younited

Would you trust Finland?

younitedI’m proud to tell you about younited, F-secure’s brand new personal cloud service. Actually so new that it isn’t open for the public yet. But you can sign up to be a tester at younited.com. We will start to send invitations to registered users in November, and the service is scheduled to open to the public in early 2014.

Why younited? It is our vision about how cloud storage can be made engaging, fun and safe. It’s a supercloud that collects data from your other cloud services and helps you manage it in one place. It’s also built for privacy from the ground up. The second argument is certainly a hot topic right now so it’s only natural that younited has gained a lot of attention.

Larry Seltzer of ZDNet joined the party with a slightly critical article. He is asking why anyone should trust Finland and why we should care about the privacy of our cloud storage in the first place. The first question is excellent. Users should definitively care about where their data is stored. That’s why we created younited here in Finland as an alternative to the American services. Let’s clear out Larry’s doubts and see why Finland is an excellent home for your data:

  • Finland’s constitution has a significantly stronger protection of individuals’ privacy than what US has.
  • Finland does not have a clear distinction between own citizens and foreigners in privacy issues like the US has. Your data on younited is protected as well as mine.
  • Finland is consistently rated at the top of international surveys on transparency, lack of corruption, education and innovation, just to name a few.
  • Finland is not panicking about terrorism. This means that we have no need to reduce peoples’ fundamental rights to ensure our security.
  • Finland’s signal intelligence capabilities are minimal compared to US.
  • Finland is not perfect when it comes to transparency and control of the authorities, but the problems we have are really minimal compared to US.
  • Finland does not have a massive system for silencing persons who are forced to assist authorities. There are no National Security Letters over here.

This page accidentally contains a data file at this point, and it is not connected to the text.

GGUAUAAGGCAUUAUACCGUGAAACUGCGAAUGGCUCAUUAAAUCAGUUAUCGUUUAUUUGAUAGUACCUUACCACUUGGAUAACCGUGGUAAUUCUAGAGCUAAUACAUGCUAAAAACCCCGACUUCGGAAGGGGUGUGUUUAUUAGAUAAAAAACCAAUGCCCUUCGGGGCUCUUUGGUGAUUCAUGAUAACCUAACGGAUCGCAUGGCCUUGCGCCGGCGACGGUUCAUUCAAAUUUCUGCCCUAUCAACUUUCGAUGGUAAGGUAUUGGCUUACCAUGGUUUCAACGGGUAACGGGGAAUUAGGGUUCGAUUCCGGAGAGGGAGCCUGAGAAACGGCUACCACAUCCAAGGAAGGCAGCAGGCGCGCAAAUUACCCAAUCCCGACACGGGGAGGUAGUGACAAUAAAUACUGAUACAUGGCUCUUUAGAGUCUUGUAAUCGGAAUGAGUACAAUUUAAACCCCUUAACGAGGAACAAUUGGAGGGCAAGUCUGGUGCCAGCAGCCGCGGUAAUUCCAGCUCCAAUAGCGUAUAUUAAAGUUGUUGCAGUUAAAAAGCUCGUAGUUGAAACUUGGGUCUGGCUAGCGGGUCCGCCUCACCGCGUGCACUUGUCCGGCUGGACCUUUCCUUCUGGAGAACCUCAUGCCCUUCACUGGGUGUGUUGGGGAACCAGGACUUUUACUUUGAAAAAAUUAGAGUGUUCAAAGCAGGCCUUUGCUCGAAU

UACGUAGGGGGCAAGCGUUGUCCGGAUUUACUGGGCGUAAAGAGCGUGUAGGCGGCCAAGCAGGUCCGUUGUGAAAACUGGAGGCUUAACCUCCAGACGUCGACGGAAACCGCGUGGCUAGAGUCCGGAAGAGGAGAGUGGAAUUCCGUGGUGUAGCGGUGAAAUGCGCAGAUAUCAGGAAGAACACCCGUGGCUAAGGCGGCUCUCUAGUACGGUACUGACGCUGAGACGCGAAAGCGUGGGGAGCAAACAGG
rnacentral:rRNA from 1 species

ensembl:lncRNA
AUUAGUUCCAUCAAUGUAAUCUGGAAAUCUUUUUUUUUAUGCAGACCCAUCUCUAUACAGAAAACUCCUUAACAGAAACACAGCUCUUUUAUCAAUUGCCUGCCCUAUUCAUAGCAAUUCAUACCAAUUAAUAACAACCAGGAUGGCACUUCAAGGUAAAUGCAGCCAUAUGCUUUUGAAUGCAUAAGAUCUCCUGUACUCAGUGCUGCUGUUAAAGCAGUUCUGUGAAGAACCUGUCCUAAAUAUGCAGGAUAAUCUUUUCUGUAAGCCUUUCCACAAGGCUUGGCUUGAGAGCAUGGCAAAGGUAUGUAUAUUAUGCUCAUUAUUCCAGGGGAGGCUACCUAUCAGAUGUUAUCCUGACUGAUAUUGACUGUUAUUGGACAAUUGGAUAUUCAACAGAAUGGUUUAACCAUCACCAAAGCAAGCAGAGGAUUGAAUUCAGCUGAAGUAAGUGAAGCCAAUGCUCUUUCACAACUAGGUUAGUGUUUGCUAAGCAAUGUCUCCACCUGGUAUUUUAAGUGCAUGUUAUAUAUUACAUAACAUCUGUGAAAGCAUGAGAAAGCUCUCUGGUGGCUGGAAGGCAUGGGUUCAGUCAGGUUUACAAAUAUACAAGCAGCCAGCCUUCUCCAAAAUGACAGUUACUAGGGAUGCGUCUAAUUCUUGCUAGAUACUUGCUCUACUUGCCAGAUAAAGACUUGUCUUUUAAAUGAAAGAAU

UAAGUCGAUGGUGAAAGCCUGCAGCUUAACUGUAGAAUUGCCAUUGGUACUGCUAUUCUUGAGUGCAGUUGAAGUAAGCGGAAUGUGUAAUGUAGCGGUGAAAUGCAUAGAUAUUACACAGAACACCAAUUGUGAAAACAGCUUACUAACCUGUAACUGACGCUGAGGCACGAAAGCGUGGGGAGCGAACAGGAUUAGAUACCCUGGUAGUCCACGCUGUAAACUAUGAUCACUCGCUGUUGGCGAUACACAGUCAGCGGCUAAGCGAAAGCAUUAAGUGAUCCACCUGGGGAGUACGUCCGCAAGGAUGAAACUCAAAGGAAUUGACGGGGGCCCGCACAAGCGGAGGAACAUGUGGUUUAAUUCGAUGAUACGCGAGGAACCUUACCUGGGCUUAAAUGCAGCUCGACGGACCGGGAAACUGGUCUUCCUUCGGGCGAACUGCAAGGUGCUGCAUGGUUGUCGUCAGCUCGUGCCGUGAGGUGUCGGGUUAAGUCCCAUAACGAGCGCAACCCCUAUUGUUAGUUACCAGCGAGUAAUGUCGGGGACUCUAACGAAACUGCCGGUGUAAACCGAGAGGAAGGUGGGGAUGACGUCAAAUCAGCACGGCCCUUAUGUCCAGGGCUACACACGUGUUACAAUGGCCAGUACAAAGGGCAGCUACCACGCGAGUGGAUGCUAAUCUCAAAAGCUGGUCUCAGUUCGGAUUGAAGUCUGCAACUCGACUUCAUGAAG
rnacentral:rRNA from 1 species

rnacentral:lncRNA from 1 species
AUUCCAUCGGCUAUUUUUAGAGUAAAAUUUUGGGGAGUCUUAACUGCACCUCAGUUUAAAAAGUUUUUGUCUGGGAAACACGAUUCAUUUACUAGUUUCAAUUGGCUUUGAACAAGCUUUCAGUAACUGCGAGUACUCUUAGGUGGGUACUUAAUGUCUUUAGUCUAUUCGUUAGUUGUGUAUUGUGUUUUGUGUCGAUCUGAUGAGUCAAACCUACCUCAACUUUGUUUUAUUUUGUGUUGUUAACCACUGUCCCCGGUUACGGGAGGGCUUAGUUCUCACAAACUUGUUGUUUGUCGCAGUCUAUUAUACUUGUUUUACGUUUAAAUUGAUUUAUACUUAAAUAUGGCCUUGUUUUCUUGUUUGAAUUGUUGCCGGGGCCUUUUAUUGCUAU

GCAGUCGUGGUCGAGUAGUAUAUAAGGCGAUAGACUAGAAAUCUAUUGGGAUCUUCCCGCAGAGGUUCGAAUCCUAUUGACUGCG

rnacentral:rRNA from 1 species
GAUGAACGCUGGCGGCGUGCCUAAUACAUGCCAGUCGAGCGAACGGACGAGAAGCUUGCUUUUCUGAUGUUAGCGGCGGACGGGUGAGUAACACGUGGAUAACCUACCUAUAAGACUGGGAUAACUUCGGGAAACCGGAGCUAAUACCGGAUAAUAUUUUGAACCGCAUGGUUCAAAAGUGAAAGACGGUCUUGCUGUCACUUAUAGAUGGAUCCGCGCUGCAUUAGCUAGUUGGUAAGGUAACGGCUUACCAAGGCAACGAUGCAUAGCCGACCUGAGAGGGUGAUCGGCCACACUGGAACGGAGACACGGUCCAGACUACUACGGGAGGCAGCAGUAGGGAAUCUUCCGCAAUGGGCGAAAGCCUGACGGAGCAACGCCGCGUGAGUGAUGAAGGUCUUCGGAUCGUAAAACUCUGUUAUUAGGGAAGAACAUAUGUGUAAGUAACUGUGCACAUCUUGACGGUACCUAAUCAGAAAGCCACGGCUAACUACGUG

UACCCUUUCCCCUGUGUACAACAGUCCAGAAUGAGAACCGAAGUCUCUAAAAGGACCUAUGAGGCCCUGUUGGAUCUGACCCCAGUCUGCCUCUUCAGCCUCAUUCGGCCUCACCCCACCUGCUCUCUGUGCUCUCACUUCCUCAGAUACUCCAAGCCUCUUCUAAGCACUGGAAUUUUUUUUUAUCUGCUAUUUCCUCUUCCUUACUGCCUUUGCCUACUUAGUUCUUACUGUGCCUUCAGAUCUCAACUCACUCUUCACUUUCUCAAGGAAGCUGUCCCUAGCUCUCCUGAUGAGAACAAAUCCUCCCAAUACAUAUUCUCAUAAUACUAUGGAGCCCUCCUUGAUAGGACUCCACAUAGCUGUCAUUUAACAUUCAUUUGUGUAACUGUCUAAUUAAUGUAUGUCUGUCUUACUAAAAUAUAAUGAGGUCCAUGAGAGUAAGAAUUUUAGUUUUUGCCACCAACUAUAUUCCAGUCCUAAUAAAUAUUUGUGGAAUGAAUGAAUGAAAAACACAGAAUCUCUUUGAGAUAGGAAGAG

Yes, the unknown is scary. And Finland is unknown to most people. But I can assure you that Finland really is among the best places on earth if you are looking for a safe haven for your personal data.

So a non-US service should be the primary choice if you are outside US and even a little bit privacy aware. And that’s after all most of the world’s population, about 96% are living elsewhere. But what if you are American, like Larry? Is it still a good idea to go off-shore?

Most of the cloud storage service are located in US and you may prefer domestic services. That’s the easy choice. But services overseas can really provide a significant benefit privacy-wise. First remember the four-hop principle. You think you have decent privacy protection as an US citizen, but are you sure that no friend-of-friend-of-friend-of-a-friend is suspected for some obscure reason? That would put you in the same boat as all us aliens. And the US authorities are not exactly open about what they are doing. This is what they have been forced to admit, it’s certainly not the full picture. Also keep in mind that your data is most vulnerable when stored. NSA can still attempt to snoop at your encrypted data connection to younited before it exits US, but that’s quite futile (see note below). And it’s finally game over once your data is on our disks here in Finland under a layer of AES-encryption. So an overseas service eliminates the by far easiest attack point.